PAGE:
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So why couldn’t huge, regular, dependable investments from your foundation make a difference?

In energy, we might have some involvement where it’s connected to things that wouldn’t happen for poor people otherwise. There may be some particular biomass approaches for getting local energy out where there’s no roads and infrastructure-there might not be a market signal for that type of innovation. You know, the poor people are the ones who are going to suffer the most from climate change. It’s unfortunately the poor people of the world who live in tropical zones, and there’s a variety of reasons for that. But that’s where agricultural productivity is already barely good enough for survival. Think of people in places like Ethiopia, Somalia, Sudan. There, climate change will clearly reduce productivity without some big innovation in the seeds and the approaches.

But I’ve put money into Vinod Khosla’s venture fund. I’ve put money into Nathan Myhrvold [and his Intellectual Ventures Fund]. Nathan has this thing that invents ideas broadly, many of which are energy-related. And some of those energy-related things will result in startups. One has so far: this amazing, wild nuclear [reactor design company], TerraPower.

Let me ask the question more generally, then. If energy research is underfunded by at least $11 billion according to the AEIC, what is a better approach to funding new energy technologies? Or is this one of these problems that will require a variety of approaches–traditional, academic, agency, VC, corporate–because it’s so big a problem that it requires the cooperation of everyone involved?

Well, yeah. I mean, you need cooperation, you need independent inventors, you need everything. It’s not a problem that lends itself to a Manhattan Project-type approach. It has to be low cost and usable in different circumstances. You can’t just get a bunch of smart people together and know which path you should go off and pursue. It’s amazing that that worked for the Manhattan Project.

It worked because it had a very specific end: they wanted to build the biggest bomb in the world and end the war.

They knew what they wanted to do. I guess in a vague sense we can say that we want energy that costs, say, a quarter of what coal or electricity does and emits zero CO2. We can write that down. But there’s many paths to get there, each of which a realist would look at and say, “Wow, there’s a lot of difficult things along that path.” So I think it’s very important, both to give poor people cheap energy and to avoid hugely negative climate change, that the U.S. government and other governments fund basic research. But unfortunately, when the U.S. doesn’t step up on basic research, the world at large doesn’t tend to step up and fill the gap. I wish they would, but they don’t.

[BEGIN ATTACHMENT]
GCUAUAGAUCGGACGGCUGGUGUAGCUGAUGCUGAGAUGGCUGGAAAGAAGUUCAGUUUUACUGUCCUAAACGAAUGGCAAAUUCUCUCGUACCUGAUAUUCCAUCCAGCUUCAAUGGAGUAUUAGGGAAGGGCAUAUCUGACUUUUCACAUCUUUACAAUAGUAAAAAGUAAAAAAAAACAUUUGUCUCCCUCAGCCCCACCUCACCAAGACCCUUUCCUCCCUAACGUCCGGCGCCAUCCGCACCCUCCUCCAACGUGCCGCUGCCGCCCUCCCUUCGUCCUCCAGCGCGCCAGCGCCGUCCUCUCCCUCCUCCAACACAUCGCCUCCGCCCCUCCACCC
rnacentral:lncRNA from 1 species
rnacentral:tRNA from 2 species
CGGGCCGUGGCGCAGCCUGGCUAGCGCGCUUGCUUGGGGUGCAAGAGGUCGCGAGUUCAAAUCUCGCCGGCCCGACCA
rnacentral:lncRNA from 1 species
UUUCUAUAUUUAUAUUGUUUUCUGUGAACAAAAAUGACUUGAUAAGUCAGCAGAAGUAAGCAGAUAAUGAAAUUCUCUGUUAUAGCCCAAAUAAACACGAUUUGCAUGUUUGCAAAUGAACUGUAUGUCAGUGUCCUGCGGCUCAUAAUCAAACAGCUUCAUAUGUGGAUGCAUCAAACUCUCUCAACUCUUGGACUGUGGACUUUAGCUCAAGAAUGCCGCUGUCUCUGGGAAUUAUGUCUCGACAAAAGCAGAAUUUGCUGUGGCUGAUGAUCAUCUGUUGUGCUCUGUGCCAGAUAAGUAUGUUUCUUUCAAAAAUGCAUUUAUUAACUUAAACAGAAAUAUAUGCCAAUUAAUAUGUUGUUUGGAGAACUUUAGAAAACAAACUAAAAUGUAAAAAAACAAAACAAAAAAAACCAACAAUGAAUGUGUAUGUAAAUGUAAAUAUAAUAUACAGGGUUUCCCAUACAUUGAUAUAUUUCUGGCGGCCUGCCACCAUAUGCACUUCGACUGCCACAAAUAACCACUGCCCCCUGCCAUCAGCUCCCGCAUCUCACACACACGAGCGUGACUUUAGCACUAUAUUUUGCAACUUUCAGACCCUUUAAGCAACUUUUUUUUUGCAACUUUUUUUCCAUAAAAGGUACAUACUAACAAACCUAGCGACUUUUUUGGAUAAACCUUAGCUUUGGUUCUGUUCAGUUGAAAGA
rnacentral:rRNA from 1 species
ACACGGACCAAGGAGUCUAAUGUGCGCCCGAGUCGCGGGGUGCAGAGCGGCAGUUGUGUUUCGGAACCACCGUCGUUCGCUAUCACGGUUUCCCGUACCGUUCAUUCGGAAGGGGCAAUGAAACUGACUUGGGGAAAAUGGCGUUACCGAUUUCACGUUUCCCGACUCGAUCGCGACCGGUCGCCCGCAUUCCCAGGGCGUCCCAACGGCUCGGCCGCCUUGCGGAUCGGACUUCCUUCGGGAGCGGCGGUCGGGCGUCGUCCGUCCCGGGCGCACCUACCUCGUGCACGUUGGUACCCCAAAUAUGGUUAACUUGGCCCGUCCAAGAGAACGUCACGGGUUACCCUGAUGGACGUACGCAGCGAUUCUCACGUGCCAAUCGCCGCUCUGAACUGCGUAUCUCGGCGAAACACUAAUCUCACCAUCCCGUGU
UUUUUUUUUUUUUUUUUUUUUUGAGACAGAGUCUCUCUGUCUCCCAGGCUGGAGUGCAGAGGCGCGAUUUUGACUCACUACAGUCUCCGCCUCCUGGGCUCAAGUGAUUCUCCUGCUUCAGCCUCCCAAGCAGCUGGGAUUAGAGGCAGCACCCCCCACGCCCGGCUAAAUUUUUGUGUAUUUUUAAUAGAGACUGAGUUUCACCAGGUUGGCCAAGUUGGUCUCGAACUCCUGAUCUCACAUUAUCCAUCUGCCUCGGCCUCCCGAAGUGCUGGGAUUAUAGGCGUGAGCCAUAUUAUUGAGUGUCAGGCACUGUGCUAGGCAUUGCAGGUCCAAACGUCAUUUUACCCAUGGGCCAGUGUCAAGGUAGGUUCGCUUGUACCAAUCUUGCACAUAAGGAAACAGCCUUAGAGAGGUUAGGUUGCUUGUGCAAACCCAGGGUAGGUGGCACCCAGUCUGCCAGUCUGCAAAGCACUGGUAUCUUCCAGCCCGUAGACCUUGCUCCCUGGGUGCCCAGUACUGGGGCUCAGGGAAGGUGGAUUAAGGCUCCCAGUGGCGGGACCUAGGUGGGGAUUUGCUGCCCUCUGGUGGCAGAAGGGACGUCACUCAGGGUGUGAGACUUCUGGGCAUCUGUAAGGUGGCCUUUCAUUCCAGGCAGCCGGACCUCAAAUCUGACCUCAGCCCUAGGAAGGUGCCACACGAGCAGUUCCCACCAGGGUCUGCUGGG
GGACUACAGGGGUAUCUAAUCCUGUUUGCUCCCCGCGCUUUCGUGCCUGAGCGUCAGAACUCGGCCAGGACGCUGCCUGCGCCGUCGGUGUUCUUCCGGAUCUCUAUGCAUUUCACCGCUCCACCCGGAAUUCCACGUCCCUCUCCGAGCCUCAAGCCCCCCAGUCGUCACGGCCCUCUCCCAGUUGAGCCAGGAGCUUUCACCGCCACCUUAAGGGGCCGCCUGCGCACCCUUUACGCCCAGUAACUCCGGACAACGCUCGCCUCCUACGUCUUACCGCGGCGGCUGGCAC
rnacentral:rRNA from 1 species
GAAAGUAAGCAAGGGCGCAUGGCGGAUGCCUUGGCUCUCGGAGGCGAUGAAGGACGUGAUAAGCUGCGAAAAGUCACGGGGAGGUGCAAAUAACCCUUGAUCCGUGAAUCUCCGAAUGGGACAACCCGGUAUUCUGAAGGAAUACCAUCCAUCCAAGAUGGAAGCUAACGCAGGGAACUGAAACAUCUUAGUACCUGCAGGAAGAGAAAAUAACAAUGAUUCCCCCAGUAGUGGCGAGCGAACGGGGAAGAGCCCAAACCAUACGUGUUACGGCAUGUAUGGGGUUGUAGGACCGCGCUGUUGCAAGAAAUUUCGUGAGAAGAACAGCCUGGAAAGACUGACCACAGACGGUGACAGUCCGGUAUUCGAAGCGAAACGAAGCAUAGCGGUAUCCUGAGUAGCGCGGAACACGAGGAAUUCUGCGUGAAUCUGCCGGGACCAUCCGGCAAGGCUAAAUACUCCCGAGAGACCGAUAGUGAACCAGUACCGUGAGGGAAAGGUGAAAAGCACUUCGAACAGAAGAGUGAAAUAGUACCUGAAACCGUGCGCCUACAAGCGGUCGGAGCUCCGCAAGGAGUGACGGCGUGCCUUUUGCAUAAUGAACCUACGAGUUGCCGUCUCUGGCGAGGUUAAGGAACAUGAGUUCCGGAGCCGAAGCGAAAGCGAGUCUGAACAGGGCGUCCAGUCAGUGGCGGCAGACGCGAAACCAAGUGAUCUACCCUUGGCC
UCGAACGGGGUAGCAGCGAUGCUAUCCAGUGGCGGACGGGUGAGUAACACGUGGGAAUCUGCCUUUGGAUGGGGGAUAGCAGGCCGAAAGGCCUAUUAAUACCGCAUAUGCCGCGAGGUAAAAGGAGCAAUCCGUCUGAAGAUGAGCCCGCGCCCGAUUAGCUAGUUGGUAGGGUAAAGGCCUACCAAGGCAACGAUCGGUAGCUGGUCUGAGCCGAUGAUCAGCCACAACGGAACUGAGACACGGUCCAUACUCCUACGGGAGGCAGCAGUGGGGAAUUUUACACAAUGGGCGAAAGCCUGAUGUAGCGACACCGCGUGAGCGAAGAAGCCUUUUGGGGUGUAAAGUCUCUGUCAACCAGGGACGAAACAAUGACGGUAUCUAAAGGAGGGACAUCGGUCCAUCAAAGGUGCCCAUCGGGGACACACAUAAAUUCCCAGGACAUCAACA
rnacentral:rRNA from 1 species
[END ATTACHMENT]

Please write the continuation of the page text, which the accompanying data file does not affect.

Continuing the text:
The irony is that if you actually look at the amount of money that’s been spent on feed-in tariffs and you properly account for it–tax credits, feed-in credits in Spain, solar photovoltaic stuff in Germany–the world has spent a massive amount of money which, in terms of creating both jobs and knowledge, would have been far better spent on energy research. But it kind of shows up as “Okay, I’m paying a little more for electricity,” which is a very complex, opaque thing. Where you’re mixing in low-cost hydro sources or things that have been fully depreciated with new things that are very expensive, it’s very complicated; when people are actually subsidizing some deployment, they don’t see it as much. Whereas if you say “Okay, we need to raise a tax to fund the R&D,” that’s more explicit.

I was stunned, when I did the work with the AEIC, to see that if you wanted the U.S. energy industry as a whole to fund this R&D, you’d only have to tax energy 1 percent. That is, the amount of tax you’d need to fund the R&D is an order of magnitude less than the amount you’d need to increase the price of energy in order to start to have a strong price signal in terms of efficiency and tradeoffs in new power plants. The tradeoffs in new power plants you can do through regulation–just say, “Hey, you have to retire CO2-intensive plants at various dates, and you have to replace them with ones that meet various CO2 standards.” So that actually creates a market, in the sense that people have to buy those things. But it’d take a very small tax to fund even a significant level of R&D increase. And that’s using the term “R&D” very broadly, because in that $16 billion total that the AEIC called for, we had several things that are about pilot-plant deployment and financing. About one-third of it was not in traditional R&D. In energy we need to do the basic research. It’s materials science, it’s modeling, it’s storage, there’s a lot of things.

It is disappointing that some people have painted this problem as easy to solve. There are actually two articles in Scientific American where they allowed the author to say, “Oh, this is easy. Just go do a bunch of compressed air and sun,” or “Just go do a mix of things and it’s easy.” It’s not easy, and it’s bad for society if we think it is easy, because then funding for R&D doesn’t happen. If it was going to be easy, then that money really wouldn’t be necessary. But in my view it’s very necessary, and that’s despite the fact that if you take the innovation economy in the U.S., broadly defined, now versus 10 years ago, there’s a lot more energy activity. There’s many examples of that. You’ve got Silicon Valley, with people like [venture capital firm] Perkins. Vinod Khosla [of Khosla Ventures] was into it early and he’s got an amazing portfolio, but now there are many others doing it.

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